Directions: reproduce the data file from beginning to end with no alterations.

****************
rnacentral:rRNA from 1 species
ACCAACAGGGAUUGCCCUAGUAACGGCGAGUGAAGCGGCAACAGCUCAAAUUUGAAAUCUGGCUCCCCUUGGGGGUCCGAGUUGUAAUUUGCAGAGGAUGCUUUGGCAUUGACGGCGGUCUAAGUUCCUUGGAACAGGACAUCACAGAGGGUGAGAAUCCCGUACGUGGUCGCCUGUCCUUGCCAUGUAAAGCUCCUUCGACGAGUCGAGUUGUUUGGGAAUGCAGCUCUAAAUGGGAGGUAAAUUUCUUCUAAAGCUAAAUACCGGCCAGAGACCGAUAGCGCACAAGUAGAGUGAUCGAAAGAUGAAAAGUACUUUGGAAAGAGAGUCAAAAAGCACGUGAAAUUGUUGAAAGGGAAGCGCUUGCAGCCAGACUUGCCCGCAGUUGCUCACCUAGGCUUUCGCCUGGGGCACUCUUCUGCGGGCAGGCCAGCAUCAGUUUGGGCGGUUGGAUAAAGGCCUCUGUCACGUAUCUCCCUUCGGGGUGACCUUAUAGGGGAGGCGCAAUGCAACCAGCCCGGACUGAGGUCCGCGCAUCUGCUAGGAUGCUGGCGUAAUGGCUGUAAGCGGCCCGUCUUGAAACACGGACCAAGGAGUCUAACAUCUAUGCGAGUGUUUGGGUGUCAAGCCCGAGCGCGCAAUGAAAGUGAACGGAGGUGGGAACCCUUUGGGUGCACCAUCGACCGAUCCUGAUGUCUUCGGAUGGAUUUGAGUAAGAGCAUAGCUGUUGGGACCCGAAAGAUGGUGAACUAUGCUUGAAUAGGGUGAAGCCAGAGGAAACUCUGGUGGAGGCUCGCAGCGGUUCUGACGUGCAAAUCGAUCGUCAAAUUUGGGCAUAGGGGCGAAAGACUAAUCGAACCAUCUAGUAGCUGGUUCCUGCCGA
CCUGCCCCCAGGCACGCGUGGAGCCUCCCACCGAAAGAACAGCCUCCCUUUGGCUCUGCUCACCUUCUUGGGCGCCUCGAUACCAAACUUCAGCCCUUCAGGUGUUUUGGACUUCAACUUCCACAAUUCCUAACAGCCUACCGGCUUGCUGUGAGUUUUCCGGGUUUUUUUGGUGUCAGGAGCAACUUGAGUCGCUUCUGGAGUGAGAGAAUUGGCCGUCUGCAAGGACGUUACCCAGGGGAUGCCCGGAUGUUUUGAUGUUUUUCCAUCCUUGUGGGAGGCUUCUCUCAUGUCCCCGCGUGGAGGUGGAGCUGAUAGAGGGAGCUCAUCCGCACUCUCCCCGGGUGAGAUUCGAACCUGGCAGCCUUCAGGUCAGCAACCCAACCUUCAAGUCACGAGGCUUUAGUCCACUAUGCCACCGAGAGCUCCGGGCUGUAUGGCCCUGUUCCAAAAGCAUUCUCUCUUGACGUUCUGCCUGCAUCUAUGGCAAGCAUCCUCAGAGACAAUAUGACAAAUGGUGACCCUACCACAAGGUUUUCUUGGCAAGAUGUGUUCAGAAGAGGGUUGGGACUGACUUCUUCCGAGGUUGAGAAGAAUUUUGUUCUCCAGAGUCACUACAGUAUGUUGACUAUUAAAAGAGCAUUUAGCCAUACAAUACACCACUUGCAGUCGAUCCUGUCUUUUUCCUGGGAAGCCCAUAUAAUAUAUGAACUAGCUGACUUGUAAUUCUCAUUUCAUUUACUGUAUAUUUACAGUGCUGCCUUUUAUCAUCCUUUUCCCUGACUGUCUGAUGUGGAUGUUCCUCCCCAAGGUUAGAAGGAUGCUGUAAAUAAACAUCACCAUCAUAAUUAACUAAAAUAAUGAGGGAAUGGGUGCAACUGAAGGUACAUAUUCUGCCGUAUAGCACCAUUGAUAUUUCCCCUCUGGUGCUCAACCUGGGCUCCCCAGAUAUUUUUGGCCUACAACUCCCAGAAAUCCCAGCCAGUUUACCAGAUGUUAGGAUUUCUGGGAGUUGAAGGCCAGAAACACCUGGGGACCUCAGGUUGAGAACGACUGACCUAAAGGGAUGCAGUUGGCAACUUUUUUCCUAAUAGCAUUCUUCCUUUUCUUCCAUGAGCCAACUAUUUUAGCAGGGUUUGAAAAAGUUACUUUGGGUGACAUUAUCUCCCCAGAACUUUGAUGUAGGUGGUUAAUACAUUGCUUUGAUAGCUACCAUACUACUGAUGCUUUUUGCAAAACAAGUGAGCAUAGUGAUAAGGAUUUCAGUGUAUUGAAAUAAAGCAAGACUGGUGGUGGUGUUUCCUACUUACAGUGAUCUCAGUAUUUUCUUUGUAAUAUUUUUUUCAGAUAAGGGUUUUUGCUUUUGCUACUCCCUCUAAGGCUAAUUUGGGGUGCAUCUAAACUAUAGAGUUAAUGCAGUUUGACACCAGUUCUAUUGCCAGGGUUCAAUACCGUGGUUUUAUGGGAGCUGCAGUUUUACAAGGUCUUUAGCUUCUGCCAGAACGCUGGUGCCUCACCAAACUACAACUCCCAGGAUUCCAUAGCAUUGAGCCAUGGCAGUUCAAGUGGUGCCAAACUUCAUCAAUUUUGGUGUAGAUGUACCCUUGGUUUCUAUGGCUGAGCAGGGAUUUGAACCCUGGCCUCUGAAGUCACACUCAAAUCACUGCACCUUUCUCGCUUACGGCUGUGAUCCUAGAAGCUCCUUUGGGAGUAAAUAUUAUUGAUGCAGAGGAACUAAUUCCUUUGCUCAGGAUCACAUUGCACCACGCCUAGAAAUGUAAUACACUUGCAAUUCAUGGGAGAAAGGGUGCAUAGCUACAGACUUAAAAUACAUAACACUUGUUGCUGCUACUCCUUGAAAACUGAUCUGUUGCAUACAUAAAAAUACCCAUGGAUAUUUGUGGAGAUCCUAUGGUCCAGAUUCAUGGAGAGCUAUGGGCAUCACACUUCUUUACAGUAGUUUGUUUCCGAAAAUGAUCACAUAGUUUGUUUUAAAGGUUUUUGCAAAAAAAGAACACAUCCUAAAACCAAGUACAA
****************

rnacentral:rRNA from 1 species
ACCAACAGGGAUUGCCCUAGUAACGGCGAGUGAAGCGGCAACAGCUCAAAUUUGAAAUCUGGCUCCCCUUGGGGGUCCGAGUUGUAAUUUGCAGAGGAUGCUUUGGCAUUGACGGCGGUCUAAGUUCCUUGGAACAGGACAUCACAGAGGGUGAGAAUCCCGUACGUGGUCGCCUGUCCUUGCCAUGUAAAGCUCCUUCGACGAGUCGAGUUGUUUGGGAAUGCAGCUCUAAAUGGGAGGUAAAUUUCUUCUAAAGCUAAAUACCGGCCAGAGACCGAUAGCGCACAAGUAGAGUGAUCGAAAGAUGAAAAGUACUUUGGAAAGAGAGUCAAAAAGCACGUGAAAUUGUUGAAAGGGAAGCGCUUGCAGCCAGACUUGCCCGCAGUUGCUCACCUAGGCUUUCGCCUGGGGCACUCUUCUGCGGGCAGGCCAGCAUCAGUUUGGGCGGUUGGAUAAAGGCCUCUGUCACGUAUCUCCCUUCGGGGUGACCUUAUAGGGGAGGCGCAAUGCAACCAGCCCGGACUGAGGUCCGCGCAUCUGCUAGGAUGCUGGCGUAAUGGCUGUAAGCGGCCCGUCUUGAAACACGGACCAAGGAGUCUAACAUCUAUGCGAGUGUUUGGGUGUCAAGCCCGAGCGCGCAAUGAAAGUGAACGGAGGUGGGAACCCUUUGGGUGCACCAUCGACCGAUCCUGAUGUCUUCGGAUGGAUUUGAGUAAGAGCAUAGCUGUUGGGACCCGAAAGAUGGUGAACUAUGCUUGAAUAGGGUGAAGCCAGAGGAAACUCUGGUGGAGGCUCGCAGCGGUUCUGACGUGCAAAUCGAUCGUCAAAUUUGGGCAUAGGGGCGAAAGACUAAUCGAACCAUCUAGUAGCUGGUUCCUGCCGA
CCUGCCCCCAGGCACGCGUGGAGCCUCCCACCGAAAGAACAGCCUCCCUUUGGCUCUGCUCACCUUCUUGGGCGCCUCGAUACCAAACUUCAGCCCUUCAGGUGUUUUGGACUUCAACUUCCACAAUUCCUAACAGCCUACCGGCUUGCUGUGAGUUUUCCGGGUUUUUUUGGUGUCAGGAGCAACUUGAGUCGCUUCUGGAGUGAGAGAAUUGGCCGUCUGCAAGGACGUUACCCAGGGGAUGCCCGGAUGUUUUGAUGUUUUUCCAUCCUUGUGGGAGGCUUCUCUCAUGUCCCCGCGUGGAGGUGGAGCUGAUAGAGGGAGCUCAUCCGCACUCUCCCCGGGUGAGAUUCGAACCUGGCAGCCUUCAGGUCAGCAACCCAACCUUCAAGUCACGAGGCUUUAGUCCACUAUGCCACCGAGAGCUCCGGGCUGUAUGGCCCUGUUCCAAAAGCAUUCUCUCUUGACGUUCUGCCUGCAUCUAUGGCAAGCAUCCUCAGAGACAAUAUGACAAAUGGUGACCCUACCACAAGGUUUUCUUGGCAAGAUGUGUUCAGAAGAGGGUUGGGACUGACUUCUUCCGAGGUUGAGAAGAAUUUUGUUCUCCAGAGUCACUACAGUAUGUUGACUAUUAAAAGAGCAUUUAGCCAUACAAUACACCACUUGCAGUCGAUCCUGUCUUUUUCCUGGGAAGCCCAUAUAAUAUAUGAACUAGCUGACUUGUAAUUCUCAUUUCAUUUACUGUAUAUUUACAGUGCUGCCUUUUAUCAUCCUUUUCCCUGACUGUCUGAUGUGGAUGUUCCUCCCCAAGGUUAGAAGGAUGCUGUAAAUAAACAUCACCAUCAUAAUUAACUAAAAUAAUGAGGGAAUGGGUGCAACUGAAGGUACAUAUUCUGCCGUAUAGCACCAUUGAUAUUUCCCCUCUGGUGCUCAACCUGGGCUCCCCAGAUAUUUUUGGCCUACAACUCCCAGAAAUCCCAGCCAGUUUACCAGAUGUUAGGAUUUCUGGGAGUUGAAGGCCAGAAACACCUGGGGACCUCAGGUUGAGAACGACUGACCUAAAGGGAUGCAGUUGGCAACUUUUUUCCUAAUAGCAUUCUUCCUUUUCUUCCAUGAGCCAACUAUUUUAGCAGGGUUUGAAAAAGUUACUUUGGGUGACAUUAUCUCCCCAGAACUUUGAUGUAGGUGGUUAAUACAUUGCUUUGAUAGCUACCAUACUACUGAUGCUUUUUGCAAAACAAGUGAGCAUAGUGAUAAGGAUUUCAGUGUAUUGAAAUAAAGCAAGACUGGUGGUGGUGUUUCCUACUUACAGUGAUCUCAGUAUUUUCUUUGUAAUAUUUUUUUCAGAUAAGGGUUUUUGCUUUUGCUACUCCCUCUAAGGCUAAUUUGGGGUGCAUCUAAACUAUAGAGUUAAUGCAGUUUGACACCAGUUCUAUUGCCAGGGUUCAAUACCGUGGUUUUAUGGGAGCUGCAGUUUUACAAGGUCUUUAGCUUCUGCCAGAACGCUGGUGCCUCACCAAACUACAACUCCCAGGAUUCCAUAGCAUUGAGCCAUGGCAGUUCAAGUGGUGCCAAACUUCAUCAAUUUUGGUGUAGAUGUACCCUUGGUUUCUAUGGCUGAGCAGGGAUUUGAACCCUGGCCUCUGAAGUCACACUCAAAUCACUGCACCUUUCUCGCUUACGGCUGUGAUCCUAGAAGCUCCUUUGGGAGUAAAUAUUAUUGAUGCAGAGGAACUAAUUCCUUUGCUCAGGAUCACAUUGCACCACGCCUAGAAAUGUAAUACACUUGCAAUUCAUGGGAGAAAGGGUGCAUAGCUACAGACUUAAAAUACAUAACACUUGUUGCUGCUACUCCUUGAAAACUGAUCUGUUGCAUACAUAAAAAUACCCAUGGAUAUUUGUGGAGAUCCUAUGGUCCAGAUUCAUGGAGAGCUAUGGGCAUCACACUUCUUUACAGUAGUUUGUUUCCGAAAAUGAUCACAUAGUUUGUUUUAAAGGUUUUUGCAAAAAAAGAACACAUCCUAAAACCAAGUACAA